Many MBA applicants feel that they are purchasing a brand when they choose a business school to attend, but the educational experience itself is crucial to your future, and no one will affect your education more than your professors. Each Wednesday, we profile a standout professor as identified by students. Today, we profile Jeremy Siegel from the Wharton School of the University of Pennsylvania.
Jeremy Siegel (“Macroeconomics and the Global Economic Environment” and “Monetary Economics and the Global Economy”) is arguably one of the most recognizable and renowned professors at Wharton, and not just because he regularly appears on CNN, CNBC and NPR to weigh in on the financial markets. One first-year student we interviewed referred to Siegel as “THE professor at Wharton.” Siegel, who has taught at the school since 1976, combines his expertise with a passion for teaching. On the long list of teaching awards he has received is Bloomberg Businessweek’s Best Business School Professor (worldwide) accolade in 1994. What is more, Siegel’s expertise gives him almost unparalleled street cred in the eyes of Wharton students—not an easy lot to win over on the topic of the stock market. At the beginning of each class session for his macroeconomics course, Siegel pulls up live market data and quickly interprets what is going on in the markets that day. Interestingly, even students who are not enrolled in this course commonly stand at the back of the room to watch this summary.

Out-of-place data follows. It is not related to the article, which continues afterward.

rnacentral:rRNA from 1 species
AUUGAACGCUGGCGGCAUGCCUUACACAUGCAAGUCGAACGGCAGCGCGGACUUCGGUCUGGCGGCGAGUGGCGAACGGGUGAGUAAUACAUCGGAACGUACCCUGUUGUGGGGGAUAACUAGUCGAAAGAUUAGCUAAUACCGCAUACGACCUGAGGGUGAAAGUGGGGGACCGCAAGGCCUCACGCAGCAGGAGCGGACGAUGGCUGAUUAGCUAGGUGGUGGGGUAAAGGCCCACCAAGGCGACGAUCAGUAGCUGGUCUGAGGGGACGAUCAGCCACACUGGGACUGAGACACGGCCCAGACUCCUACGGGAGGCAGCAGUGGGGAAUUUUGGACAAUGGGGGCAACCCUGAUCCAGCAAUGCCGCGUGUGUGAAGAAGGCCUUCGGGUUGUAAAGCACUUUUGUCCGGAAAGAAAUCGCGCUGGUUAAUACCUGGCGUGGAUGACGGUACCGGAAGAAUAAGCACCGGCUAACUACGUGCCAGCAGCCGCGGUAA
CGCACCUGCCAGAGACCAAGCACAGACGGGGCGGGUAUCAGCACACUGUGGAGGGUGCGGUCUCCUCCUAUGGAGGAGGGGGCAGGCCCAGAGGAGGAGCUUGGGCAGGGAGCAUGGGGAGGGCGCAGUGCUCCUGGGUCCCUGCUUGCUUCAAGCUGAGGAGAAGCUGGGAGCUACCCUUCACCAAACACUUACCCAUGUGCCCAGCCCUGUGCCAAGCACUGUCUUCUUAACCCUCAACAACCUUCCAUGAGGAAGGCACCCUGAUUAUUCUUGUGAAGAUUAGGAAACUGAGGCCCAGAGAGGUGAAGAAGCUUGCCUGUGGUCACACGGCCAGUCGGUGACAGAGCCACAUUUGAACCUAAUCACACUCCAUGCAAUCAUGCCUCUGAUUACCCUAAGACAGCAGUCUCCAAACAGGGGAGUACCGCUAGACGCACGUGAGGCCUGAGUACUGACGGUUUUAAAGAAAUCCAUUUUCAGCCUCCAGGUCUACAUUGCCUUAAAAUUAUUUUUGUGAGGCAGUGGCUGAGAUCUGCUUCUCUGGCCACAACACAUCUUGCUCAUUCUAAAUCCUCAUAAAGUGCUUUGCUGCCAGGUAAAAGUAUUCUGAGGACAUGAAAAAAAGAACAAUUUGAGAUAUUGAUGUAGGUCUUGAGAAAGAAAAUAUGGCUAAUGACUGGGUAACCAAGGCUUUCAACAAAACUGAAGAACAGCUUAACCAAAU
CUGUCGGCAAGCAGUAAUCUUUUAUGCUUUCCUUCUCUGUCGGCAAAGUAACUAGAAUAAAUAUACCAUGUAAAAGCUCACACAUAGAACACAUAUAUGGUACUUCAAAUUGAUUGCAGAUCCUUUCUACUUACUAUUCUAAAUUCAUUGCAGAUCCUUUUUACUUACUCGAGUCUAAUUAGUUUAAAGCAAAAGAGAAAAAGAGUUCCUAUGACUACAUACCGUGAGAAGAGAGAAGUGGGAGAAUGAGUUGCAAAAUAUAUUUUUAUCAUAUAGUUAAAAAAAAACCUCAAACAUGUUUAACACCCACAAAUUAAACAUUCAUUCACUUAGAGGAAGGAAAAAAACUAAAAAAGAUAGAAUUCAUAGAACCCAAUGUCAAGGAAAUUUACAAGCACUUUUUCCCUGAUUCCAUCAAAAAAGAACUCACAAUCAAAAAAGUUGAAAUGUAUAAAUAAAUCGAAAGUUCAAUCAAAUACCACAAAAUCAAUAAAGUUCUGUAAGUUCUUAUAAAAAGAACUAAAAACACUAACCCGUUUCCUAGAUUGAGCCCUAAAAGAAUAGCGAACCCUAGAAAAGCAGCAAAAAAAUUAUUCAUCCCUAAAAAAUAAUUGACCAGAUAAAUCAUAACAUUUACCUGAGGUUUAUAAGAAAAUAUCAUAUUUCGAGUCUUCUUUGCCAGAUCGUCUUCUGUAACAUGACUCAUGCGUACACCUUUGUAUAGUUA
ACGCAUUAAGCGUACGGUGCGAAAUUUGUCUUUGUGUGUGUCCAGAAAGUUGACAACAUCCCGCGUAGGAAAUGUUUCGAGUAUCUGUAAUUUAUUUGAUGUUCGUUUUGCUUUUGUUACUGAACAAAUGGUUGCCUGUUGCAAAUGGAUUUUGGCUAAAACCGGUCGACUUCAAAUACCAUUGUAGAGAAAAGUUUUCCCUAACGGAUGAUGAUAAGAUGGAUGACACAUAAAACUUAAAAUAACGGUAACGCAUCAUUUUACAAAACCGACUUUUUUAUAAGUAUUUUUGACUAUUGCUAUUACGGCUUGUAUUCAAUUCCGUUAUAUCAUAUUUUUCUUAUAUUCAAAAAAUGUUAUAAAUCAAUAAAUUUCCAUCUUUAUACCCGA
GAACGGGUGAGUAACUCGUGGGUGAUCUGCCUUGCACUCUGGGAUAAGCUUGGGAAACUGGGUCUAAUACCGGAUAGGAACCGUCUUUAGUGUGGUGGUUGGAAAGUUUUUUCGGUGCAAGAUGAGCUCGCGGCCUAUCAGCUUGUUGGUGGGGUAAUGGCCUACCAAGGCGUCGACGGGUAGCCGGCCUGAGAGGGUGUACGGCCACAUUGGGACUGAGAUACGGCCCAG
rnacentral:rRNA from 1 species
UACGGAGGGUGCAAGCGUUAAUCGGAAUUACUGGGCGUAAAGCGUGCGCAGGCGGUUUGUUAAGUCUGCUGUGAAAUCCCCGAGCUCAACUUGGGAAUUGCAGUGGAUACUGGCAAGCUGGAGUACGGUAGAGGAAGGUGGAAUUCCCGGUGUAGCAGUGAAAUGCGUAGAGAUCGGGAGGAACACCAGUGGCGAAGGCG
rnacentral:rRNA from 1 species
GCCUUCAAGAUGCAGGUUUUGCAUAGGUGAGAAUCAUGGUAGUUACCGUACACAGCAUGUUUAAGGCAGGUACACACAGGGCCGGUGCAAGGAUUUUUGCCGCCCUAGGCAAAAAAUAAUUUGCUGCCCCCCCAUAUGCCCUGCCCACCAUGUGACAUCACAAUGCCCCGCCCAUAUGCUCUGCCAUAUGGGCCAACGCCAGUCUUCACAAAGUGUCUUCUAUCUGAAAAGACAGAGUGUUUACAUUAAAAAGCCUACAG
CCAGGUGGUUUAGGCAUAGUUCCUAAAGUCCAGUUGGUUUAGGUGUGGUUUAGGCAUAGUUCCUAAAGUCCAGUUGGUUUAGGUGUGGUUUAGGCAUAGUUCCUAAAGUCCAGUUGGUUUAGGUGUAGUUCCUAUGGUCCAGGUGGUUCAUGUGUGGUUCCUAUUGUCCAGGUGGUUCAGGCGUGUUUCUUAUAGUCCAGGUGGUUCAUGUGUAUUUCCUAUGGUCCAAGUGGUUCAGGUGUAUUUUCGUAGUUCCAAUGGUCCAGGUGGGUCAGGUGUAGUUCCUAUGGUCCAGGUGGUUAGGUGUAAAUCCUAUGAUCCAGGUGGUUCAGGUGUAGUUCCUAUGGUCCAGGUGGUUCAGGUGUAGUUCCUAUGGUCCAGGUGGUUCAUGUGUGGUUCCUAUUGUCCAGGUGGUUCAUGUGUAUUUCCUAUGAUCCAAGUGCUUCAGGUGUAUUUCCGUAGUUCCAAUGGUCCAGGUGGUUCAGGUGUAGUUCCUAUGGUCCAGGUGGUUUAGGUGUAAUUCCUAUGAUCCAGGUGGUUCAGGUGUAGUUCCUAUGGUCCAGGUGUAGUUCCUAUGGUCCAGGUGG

Siegel has been recognized often for his writings, having won numerous best article awards, and is a bestselling author. The Washington Post named his book Stocks for the Long Run: The Definitive Guide to Financial Market Returns and Long-Term Investment Strategies (McGraw-Hill, third edition, 2002) “one of the ten-best investment books of all time.” And in 2005, Bloomberg Businessweek named another of Siegel’s works, The Future for Investors: Why the Tried and the True Triumph Over the Bold and the New (Crown Business, 2005), one of the best business books of the year. Also in 2005, Siegel received the prestigious Nicholas Molodovsky Award from CFA Institute, awarded to “those individuals who have made outstanding contributions of such significance as to change the direction of the profession and to raise it to higher standards of accomplishment.”
For more information on other defining characteristics of the MBA program at Wharton or any of 15 other top business schools, please check out the mbaMission Insider’s Guides.